There was the job lay-off at 26. The roommate remiss of caring for her dog  (i.e. a regularly pee- and poop-stained carpet. You’re welcome for that imagery.) There was the vandalized car window. The getting rear-ended by an uninsured driver at a red light that nearly totaled my car. The five hundred plus dollars spent to get my Jeep fixed in order to pass the California smog test, just to spend nearly the same amount to get my California tags and plates. (Yay, me!) Then, there was the hurdle of getting over the three-year friendlationship that I thought just might be “the one.” Oh, and just this week, there was the moment where I nearly flooded my friend’s kitchen (sorry, Jade) and had my things attacked by ants in the bedroom the next day. (Shower, please?)

Like I said, rough year. But with every rainy cloud, there was a silver lining. There was crossing the finish line of my first half marathon. (I literally could not feel my legs but have never felt more proud in my life.) There was the benefit concert that an old roommate, myself and few loyal friends teamed up to create. I stepped out of my comfort zone and played MC/hostess for the night, and we raised more than $1,000 for Syrian refugees.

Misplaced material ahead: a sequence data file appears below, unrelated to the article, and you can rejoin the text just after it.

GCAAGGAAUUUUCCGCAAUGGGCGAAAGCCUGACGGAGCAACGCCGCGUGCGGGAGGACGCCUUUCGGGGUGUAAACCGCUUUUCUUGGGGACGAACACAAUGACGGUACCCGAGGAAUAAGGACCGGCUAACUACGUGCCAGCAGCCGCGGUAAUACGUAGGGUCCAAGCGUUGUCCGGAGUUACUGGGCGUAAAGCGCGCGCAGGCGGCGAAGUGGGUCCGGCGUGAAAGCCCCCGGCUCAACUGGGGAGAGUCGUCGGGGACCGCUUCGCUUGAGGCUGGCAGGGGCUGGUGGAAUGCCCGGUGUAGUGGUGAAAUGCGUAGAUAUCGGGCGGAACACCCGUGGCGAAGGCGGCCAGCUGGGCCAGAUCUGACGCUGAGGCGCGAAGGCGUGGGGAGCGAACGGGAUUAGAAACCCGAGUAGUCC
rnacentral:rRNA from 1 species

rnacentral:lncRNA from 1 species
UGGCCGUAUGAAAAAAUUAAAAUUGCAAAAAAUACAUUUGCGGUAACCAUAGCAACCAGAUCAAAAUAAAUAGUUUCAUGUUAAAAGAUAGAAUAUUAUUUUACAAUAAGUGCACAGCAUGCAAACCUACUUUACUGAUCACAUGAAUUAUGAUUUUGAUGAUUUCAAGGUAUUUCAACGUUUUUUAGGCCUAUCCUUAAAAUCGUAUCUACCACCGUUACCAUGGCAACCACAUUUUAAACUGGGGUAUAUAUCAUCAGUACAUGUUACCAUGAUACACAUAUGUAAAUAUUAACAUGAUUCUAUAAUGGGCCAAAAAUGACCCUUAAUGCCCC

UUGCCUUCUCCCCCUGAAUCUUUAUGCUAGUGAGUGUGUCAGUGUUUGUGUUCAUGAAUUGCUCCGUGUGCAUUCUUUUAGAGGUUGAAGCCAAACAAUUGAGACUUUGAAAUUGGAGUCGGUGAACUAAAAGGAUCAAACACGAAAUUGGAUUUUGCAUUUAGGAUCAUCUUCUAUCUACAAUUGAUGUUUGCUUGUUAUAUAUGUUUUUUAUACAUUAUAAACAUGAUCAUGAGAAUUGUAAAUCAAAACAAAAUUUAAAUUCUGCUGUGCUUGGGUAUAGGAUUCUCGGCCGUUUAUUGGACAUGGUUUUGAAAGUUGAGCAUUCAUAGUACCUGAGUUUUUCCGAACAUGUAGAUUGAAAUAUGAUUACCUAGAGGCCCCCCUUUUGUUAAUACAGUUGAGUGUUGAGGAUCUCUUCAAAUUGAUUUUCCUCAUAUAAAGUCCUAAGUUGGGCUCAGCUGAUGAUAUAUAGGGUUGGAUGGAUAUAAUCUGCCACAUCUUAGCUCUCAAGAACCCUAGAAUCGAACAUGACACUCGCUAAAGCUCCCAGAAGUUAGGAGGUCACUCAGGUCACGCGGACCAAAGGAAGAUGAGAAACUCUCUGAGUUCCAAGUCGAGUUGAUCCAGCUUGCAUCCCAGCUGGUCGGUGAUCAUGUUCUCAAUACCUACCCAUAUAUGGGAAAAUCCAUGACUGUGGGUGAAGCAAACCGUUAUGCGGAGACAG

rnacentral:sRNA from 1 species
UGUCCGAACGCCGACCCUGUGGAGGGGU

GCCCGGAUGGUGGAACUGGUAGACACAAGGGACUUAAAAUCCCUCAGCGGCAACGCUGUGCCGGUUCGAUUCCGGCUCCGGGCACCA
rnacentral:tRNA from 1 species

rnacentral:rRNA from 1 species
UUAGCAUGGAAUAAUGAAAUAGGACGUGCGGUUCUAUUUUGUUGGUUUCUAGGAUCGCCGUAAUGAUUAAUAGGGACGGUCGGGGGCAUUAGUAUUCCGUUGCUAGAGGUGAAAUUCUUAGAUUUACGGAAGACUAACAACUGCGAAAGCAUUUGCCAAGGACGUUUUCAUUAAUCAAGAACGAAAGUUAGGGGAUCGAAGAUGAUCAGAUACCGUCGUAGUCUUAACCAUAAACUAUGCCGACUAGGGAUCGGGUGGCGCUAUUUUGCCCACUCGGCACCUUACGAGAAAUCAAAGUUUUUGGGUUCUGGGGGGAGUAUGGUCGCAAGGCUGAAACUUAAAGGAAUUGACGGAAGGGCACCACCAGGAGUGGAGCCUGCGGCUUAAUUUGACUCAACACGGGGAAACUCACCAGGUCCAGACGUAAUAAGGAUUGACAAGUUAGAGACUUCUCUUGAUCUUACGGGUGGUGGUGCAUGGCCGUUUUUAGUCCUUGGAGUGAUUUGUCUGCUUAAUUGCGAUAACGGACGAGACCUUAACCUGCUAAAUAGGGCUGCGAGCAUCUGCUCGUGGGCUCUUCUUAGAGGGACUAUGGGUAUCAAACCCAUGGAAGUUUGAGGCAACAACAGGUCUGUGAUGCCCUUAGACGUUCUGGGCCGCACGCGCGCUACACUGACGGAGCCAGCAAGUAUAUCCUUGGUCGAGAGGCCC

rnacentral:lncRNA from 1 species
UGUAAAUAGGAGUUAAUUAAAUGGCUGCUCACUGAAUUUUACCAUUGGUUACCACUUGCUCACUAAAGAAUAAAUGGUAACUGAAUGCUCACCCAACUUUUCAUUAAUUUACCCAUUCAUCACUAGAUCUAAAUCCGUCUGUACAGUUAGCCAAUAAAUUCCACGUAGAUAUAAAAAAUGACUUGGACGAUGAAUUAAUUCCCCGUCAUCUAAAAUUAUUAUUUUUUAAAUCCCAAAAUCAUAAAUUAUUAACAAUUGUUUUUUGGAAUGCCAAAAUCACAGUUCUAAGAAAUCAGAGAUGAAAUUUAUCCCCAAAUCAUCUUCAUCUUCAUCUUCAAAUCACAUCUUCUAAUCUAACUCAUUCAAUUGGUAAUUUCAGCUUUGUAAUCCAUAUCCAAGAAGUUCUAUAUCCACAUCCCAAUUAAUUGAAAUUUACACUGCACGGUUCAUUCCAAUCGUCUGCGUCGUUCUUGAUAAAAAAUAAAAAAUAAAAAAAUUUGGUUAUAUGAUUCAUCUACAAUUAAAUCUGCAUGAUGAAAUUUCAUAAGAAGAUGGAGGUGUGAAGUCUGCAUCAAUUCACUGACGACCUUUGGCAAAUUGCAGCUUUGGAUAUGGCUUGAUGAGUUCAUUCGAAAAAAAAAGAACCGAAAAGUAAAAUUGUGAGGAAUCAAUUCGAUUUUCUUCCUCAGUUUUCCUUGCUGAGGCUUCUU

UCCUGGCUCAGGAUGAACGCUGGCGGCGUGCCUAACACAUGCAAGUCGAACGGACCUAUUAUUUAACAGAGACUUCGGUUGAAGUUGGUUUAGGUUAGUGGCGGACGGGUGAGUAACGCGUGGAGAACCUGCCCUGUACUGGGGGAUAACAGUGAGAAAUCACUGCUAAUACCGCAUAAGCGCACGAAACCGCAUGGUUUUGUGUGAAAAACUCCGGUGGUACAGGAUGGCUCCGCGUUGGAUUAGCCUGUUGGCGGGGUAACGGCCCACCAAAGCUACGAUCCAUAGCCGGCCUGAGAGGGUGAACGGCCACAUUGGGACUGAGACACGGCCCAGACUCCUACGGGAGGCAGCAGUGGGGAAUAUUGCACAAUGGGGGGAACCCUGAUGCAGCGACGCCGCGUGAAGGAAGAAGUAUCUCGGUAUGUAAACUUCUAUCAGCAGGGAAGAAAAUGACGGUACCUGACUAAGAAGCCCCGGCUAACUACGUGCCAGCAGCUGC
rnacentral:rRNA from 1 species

There was getting to go back home to Michigan, Oklahoma and Georgia (yes, I have a lot of homes) to see family and friends and get so much quality time, hugs and kisses to fill my heart up. There was the starting my freelance journalism career (more like stumbling into it) that pressed me to be more confident than ever in my writing, editing and negotiating skills. There was stepping out of my comfort zone, auditioning for my church’s music team and making it!